Thursday she decided that she didn’t like the hospital vent.  She was breathing asynchronously.  She also has a leak around her trach which allows her to make little sounds.  She loves this, but the ICU vents are very sensitive and don’t like air leaks of any kind.  The RT wanted to increase the size of her trach and cuff it.  I just kept thinking how mad that would make her once she woke up and was better.  Fortunately, our pulm fellow knows her very well and overrode that idea.  They ended up putting her back on her home vent and increasing her PEEP.  She was much happier on her own vent.  We did an ECHO to check on her heart.  Thursday afternoon we finally got the answer we had been looking for.  They were sure there had to be an underlying sickness going on here.  There is no rapid response test for para influenza, so it took some time, but at least we finally knew what was going on in the background – para influenza virus, variant 3.  That evening she was stable enough to head back to PCU.

July 10 008

Friday morning her antibiotics were all discontinued since nothing had grown in any of her cultures except her normal flora and we had the positive viral test.  She continued on 5 liters with multiple desats.  IPV and more xrays were ordered.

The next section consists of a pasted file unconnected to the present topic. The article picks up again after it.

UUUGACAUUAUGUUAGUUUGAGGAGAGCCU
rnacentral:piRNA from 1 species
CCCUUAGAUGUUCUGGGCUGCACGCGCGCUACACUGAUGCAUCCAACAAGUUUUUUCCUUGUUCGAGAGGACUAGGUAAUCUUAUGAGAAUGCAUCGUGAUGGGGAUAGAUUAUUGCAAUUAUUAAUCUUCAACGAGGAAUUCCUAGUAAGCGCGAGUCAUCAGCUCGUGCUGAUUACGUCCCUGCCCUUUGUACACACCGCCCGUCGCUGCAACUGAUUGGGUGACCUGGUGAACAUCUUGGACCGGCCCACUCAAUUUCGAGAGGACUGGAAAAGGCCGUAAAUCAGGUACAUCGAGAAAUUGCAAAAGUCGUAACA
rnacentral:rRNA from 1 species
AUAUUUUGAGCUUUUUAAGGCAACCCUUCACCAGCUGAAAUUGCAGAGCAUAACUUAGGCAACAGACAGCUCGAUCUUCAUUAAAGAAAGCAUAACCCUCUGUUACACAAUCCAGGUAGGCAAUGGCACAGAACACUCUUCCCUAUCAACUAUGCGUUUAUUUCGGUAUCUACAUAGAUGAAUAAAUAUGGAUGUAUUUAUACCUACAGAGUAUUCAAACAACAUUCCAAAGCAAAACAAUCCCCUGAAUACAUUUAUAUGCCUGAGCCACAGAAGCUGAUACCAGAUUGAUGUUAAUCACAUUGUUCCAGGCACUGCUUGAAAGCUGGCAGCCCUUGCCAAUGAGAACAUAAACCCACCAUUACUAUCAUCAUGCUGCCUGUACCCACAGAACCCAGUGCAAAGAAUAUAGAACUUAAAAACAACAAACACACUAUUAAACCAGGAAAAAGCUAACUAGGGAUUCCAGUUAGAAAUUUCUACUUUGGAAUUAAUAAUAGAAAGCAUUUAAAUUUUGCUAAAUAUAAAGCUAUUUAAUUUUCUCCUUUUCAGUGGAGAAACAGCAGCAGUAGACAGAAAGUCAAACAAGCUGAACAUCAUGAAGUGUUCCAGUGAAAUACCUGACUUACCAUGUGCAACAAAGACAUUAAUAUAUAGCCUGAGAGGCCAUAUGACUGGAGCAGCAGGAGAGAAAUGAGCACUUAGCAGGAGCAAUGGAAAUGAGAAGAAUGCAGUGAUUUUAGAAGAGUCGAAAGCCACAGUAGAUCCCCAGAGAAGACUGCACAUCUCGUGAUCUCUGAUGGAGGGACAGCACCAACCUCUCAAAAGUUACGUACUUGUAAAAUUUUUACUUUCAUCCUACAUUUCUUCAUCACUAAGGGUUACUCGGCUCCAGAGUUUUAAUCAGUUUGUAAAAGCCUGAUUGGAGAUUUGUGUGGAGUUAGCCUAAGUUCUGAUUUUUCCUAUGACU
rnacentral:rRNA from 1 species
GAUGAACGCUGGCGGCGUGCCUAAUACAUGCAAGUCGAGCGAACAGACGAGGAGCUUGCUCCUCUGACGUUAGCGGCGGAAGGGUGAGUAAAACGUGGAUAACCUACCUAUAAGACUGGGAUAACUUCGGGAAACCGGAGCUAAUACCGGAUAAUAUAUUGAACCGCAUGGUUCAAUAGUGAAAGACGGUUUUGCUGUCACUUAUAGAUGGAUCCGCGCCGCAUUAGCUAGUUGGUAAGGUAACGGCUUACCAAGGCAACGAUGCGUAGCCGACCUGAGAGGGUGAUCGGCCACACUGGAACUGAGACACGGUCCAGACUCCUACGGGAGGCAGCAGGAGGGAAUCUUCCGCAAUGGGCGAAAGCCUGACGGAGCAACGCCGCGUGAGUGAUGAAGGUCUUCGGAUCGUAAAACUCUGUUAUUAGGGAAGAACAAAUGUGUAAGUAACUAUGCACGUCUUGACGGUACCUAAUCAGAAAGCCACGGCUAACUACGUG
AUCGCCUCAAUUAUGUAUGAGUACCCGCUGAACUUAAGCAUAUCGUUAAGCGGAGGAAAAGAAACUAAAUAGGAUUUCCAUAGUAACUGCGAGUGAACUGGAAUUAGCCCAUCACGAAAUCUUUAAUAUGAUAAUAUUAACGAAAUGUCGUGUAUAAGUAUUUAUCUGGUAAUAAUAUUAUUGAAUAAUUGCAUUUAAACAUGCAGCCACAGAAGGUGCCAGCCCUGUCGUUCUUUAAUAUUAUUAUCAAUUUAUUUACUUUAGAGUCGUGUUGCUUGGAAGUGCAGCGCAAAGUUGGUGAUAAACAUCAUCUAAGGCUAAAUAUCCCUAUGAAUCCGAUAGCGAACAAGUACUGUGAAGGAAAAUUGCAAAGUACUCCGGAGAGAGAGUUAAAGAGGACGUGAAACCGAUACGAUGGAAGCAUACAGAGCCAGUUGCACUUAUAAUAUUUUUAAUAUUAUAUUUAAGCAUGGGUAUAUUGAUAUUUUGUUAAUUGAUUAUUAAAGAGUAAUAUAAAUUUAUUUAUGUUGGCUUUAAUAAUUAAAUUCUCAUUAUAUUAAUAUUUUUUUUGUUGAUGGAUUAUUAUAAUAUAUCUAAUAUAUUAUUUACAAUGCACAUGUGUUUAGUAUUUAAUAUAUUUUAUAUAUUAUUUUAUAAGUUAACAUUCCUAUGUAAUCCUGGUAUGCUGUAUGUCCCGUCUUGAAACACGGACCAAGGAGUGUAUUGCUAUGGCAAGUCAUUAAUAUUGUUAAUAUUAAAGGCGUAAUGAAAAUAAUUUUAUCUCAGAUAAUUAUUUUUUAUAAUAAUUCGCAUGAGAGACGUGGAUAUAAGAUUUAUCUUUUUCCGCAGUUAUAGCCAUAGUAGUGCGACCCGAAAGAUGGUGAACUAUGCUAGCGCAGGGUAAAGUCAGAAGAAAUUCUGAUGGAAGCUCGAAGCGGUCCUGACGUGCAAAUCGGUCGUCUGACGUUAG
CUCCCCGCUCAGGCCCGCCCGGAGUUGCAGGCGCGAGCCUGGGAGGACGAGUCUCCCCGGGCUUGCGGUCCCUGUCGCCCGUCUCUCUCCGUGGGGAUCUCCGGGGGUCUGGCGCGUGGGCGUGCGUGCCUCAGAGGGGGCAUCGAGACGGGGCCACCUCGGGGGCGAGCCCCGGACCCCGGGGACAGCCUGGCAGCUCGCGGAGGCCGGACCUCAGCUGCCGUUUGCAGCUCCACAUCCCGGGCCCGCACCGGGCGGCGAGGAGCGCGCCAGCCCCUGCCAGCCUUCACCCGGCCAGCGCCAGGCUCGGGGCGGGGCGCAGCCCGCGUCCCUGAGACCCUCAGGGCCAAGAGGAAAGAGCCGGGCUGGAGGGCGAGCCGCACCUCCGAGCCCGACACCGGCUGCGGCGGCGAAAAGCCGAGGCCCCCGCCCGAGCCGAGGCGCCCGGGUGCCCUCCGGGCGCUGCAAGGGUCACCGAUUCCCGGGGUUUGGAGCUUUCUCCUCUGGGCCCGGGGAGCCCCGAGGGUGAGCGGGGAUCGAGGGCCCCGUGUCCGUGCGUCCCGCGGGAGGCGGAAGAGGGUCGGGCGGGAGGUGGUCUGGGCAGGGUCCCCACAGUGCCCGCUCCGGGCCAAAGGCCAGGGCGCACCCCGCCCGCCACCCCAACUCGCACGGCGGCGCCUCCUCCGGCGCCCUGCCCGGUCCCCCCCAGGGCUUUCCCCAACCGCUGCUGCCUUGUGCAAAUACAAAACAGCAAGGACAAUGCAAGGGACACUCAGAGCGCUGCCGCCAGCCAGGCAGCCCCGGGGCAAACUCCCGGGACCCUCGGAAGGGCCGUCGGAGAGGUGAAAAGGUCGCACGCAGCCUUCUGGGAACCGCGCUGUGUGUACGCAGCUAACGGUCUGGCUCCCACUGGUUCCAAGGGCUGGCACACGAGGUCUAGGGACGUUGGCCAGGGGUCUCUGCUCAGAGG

Today she is on between 5 and 6 1/2 liters.  She hovers in the upper 80s and lower 90s forever  then she’ll shot up to the upper 90s and hang out a while, then down again.  Her pulm fellow really wants that number above 93 for her pulmonary hypertension, otherwise we are just going to aggravate that and then have more problems to deal with.  She gets mucus caught in her airway and the alveoli around it all collapse and she desats.  Then she coughs and her sats go up again and the mucus settles somewhere else and we start the cycle again.  They have restarted her heart med and are reintroducing her diuretics.

Anyway, everyone thinks she is going to be OK now.  It’s just going to take some time.  The thing she always needs, more time.

It’s an interesting battle for these little ones.  The mitral valve doesn’t like it when she gets sick and this crazy spiral starts.  It’s amazing to me the body’s response to sickness – how the heart causes certain problems and how in order to support the heart all of the things we do to support the lungs gets taken away, which improves her heart, but hurts her lungs.  So then they have to be reintroduced before the respiratory status gets too critical.  It’s amazing how interconnected everything actually is.

Friday, July 9, 2010

Quick Update

She’s headed in the right direction now.

I have learned a lot about mitral valves, hypotension, shock, renal function, and how that all complicates a very delicate respiratory system.  Things are looking better and better.